History of Women and Gender

Extended
to May 26

Exhibition

The Private Jefferson

Explore Jefferson’s complexity through select correspondence and writings including the Declaration of Independence, records of farming at Monticello, and his architectural drawings.

Details

Call for Papers: Deadline: March 15, 2016

The Boston Seminar on the History of Women and Gender invites proposals for sessions in its 2016-2017 series.  Programs take place alternately at the Schlesinger Library of the Radcliffe Institute and at the Massachusetts Historical Society.  The Seminar’s steering committee welcomes suggestions for papers dealing with all aspects of the history of women and/or gender in the United States and will also consider projects comparing the American experience with that in other parts of the world. For more information, view the CFP

 

Join us for an in-depth exploration of the latest scholarship.

The Boston Seminar on the History of Women and Gender invites scholars and students to meet periodically and discuss new research. Sessions may consider any aspect of the history of women and gender without chronological limitations. A collaboration of the Arthur and Elizabeth Schlesinger Library on the History of Women in America and the Massachusetts Historical Society, the seminar meets in turn at the facilities of the two sponsors.

Seminar meetings revolve around the discussion of a precirculated paper. Sessions open with remarks from the essayist and an assigned commentator, after which the discussion is opened to the floor. After each session, the Society serves a light buffet supper.

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April

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History of Women and Gender Seminar The Origins of “Women’s Rights are Human Rights”: Pan-American Feminism and the 1945 United Nation Charter 14 April 2016.Thursday, 5:30PM - 7:30PM RSVP required Location: Massachusetts Historical Society Katherine Marino, American Academy of Arts and Sciences Comment: Kirsten Weld, Harvard University In June, 1945, at the conference in San Francisco that created the United Nations, a group of Latin ...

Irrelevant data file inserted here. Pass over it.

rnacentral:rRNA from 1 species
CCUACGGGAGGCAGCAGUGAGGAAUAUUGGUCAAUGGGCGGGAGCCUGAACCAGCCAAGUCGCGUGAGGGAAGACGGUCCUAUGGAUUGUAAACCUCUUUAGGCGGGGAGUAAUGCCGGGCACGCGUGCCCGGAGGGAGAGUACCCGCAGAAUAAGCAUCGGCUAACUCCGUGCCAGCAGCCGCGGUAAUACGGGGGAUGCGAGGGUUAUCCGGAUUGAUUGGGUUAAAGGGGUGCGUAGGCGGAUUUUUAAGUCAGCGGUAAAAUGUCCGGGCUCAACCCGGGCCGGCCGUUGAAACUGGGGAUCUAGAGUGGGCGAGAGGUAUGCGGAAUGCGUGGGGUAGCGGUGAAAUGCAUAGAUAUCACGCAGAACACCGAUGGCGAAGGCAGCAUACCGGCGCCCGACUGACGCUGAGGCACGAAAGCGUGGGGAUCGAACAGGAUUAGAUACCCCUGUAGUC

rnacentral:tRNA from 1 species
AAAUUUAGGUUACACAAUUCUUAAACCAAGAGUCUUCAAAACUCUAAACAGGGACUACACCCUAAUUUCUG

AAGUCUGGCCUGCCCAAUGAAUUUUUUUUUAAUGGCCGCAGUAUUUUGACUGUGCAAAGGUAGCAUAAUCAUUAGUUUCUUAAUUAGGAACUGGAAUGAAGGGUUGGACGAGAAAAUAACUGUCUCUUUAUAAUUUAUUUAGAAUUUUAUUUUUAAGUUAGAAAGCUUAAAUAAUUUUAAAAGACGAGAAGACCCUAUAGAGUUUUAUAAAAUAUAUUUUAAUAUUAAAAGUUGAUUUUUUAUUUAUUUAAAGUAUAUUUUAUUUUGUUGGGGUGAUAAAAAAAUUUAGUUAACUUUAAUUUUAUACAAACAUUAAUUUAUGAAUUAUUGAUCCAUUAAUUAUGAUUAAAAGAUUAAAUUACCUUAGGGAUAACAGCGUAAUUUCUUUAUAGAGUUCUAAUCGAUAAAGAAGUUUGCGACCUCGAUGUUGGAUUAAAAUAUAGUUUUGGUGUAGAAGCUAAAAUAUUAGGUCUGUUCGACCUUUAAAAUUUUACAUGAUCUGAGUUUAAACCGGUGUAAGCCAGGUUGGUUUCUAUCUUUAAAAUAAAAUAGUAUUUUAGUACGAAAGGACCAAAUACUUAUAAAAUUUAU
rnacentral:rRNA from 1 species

In June, 1945, at the conference in San Francisco that created the United Nations, a group of Latin American feminists pushed “women’s rights” into the category of international human rights in the founding documents of the UN and proposed what became the UN Commission on the Status of Women. The Brazilian delegate and feminist Bertha Lutz called their work a “Latin American contribution to the constitution of the world.” This paper examines what “women’s rights” and “human rights” meant to these Latin American activists and how a movement of transnational, Pan-American feminism shaped their ideas and activism. It argues that the notion that “women’s rights are human rights,” often assumed to be a product of U.S./Western European liberal democratic and feminist thought, was in fact forged through transnational collaboration in a context of fraught U.S./Latin American relations.

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History of Women and Gender Seminar The Origins of “Women’s Rights are Human Rights”: Pan-American Feminism and the 1945 United Nation Charter Please RSVP  Seminars are free and open to the public; RSVP required. 14 April 2016.Thursday, 5:30PM - 7:30PM Location: Massachusetts Historical Society Katherine Marino, American Academy of Arts and Sciences Comment: Kirsten Weld, Harvard University

In June, 1945, at the conference in San Francisco that created the United Nations, a group of Latin American feminists pushed “women’s rights” into the category of international human rights in the founding documents of the UN and proposed what became the UN Commission on the Status of Women. The Brazilian delegate and feminist Bertha Lutz called their work a “Latin American contribution to the constitution of the world.” This paper examines what “women’s rights” and “human rights” meant to these Latin American activists and how a movement of transnational, Pan-American feminism shaped their ideas and activism. It argues that the notion that “women’s rights are human rights,” often assumed to be a product of U.S./Western European liberal democratic and feminist thought, was in fact forged through transnational collaboration in a context of fraught U.S./Latin American relations.

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